Back home, her biggest competition among the young lions is probably Habib Koite who is a similarly gifted writer. The blind duo, Amadou & Miriam are the folk heroes. Of course the gold standard are artists like Salif Keita, Oumou Sangare and all those great kora players (Toumani Diabate among them).
The new album recorded last year has been getting some buzz in Africa and Europe. Bowmboï won the BBC Album of the Year award and you begin to get an idea of what the judges for that competition were thinking as imperceptibly the band begins cooking. Polyrhythmic innovation quickly ensues, fired on by wah-wah guitar and alternatively some thumping electric baselines.
On the album she enlists the Kronos Quartet on a couple of songs – the effect is to add a classical tinge to the malian and occasional middle-eastern soundscape. Live though, the band gives vent to the interplay between the n’goni and the calabash, her own guitar quietly filling in the space.
For me it’s the soul clap factor, once you’ve got me clapping, your work is done: I’ll be your evangelist. She’s got me clapping for sure.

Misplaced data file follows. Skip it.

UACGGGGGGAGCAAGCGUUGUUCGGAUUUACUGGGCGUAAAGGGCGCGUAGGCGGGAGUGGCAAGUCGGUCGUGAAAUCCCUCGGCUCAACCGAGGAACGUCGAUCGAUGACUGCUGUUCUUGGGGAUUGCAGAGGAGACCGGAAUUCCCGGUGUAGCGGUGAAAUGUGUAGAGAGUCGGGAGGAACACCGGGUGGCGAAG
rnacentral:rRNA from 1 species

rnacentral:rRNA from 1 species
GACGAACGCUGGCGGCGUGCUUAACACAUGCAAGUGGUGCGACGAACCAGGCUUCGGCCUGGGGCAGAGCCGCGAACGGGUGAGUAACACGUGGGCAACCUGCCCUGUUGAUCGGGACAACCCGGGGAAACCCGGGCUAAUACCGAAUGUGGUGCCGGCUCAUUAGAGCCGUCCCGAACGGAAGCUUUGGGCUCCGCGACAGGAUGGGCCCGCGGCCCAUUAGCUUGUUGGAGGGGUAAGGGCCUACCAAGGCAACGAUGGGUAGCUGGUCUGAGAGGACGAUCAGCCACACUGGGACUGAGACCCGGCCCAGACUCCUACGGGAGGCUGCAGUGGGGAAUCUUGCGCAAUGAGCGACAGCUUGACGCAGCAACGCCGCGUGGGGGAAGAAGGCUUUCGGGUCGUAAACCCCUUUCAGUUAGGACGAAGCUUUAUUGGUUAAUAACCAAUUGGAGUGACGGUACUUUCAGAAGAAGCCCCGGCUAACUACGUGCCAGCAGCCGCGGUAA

As if to prove my point, she starts dancing with her backup singer, with flowing and languid movements. The men get very interested at this, if they weren’t already: the two are lithe and sexy. The women in the crowd stay interested because their dancing is not as overtly sexual as for example those female dancers in Femi Kuti or Koffi Olomide‘s bands; it’s tastefully done and no competition. They proceed to reel off four or five joints that are simply perfect, insistently intelligent, long groovy pieces that they explore to the fullest. We are all elated by the end of things.
As she comes out for the encore, she enjoins the crowd in her bookish, impeccably correct and french-accented english, to feel free to stand and join her in moving to her music. “For me, singing onstage was a dream that has come true.” Like a good diplomat, she knows how to charm her audience. The Girlfriend and I of course had been nudging each other throughout noting that African audiences would never have sat down through the type of performance that we have been treated to so far. Well this is Massachusetts so we take what we get.